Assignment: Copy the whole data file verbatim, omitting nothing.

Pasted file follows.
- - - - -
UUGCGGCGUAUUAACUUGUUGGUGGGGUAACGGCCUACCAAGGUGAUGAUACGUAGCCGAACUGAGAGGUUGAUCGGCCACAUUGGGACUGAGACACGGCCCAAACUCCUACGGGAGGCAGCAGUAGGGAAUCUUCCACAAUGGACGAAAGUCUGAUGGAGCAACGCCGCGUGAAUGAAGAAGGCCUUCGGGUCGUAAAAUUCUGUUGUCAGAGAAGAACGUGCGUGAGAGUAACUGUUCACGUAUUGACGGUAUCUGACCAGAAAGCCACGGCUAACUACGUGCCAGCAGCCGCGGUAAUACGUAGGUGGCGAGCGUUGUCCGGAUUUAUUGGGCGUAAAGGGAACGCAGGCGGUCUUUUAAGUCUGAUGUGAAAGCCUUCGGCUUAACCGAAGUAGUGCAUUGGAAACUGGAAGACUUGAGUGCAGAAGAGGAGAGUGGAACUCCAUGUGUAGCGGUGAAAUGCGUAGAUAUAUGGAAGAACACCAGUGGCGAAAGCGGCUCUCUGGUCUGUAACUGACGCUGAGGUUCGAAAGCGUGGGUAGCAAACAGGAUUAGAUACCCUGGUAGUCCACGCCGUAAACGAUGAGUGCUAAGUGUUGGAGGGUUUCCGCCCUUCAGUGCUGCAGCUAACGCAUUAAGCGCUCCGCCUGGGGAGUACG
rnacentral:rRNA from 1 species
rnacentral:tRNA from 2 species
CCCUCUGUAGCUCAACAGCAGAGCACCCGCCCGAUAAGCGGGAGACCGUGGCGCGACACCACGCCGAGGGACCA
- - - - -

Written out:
UUGCGGCGUAUUAACUUGUUGGUGGGGUAACGGCCUACCAAGGUGAUGAUACGUAGCCGAACUGAGAGGUUGAUCGGCCACAUUGGGACUGAGACACGGCCCAAACUCCUACGGGAGGCAGCAGUAGGGAAUCUUCCACAAUGGACGAAAGUCUGAUGGAGCAACGCCGCGUGAAUGAAGAAGGCCUUCGGGUCGUAAAAUUCUGUUGUCAGAGAAGAACGUGCGUGAGAGUAACUGUUCACGUAUUGACGGUAUCUGACCAGAAAGCCACGGCUAACUACGUGCCAGCAGCCGCGGUAAUACGUAGGUGGCGAGCGUUGUCCGGAUUUAUUGGGCGUAAAGGGAACGCAGGCGGUCUUUUAAGUCUGAUGUGAAAGCCUUCGGCUUAACCGAAGUAGUGCAUUGGAAACUGGAAGACUUGAGUGCAGAAGAGGAGAGUGGAACUCCAUGUGUAGCGGUGAAAUGCGUAGAUAUAUGGAAGAACACCAGUGGCGAAAGCGGCUCUCUGGUCUGUAACUGACGCUGAGGUUCGAAAGCGUGGGUAGCAAACAGGAUUAGAUACCCUGGUAGUCCACGCCGUAAACGAUGAGUGCUAAGUGUUGGAGGGUUUCCGCCCUUCAGUGCUGCAGCUAACGCAUUAAGCGCUCCGCCUGGGGAGUACG
rnacentral:rRNA from 1 species
rnacentral:tRNA from 2 species
CCCUCUGUAGCUCAACAGCAGAGCACCCGCCCGAUAAGCGGGAGACCGUGGCGCGACACCACGCCGAGGGACCA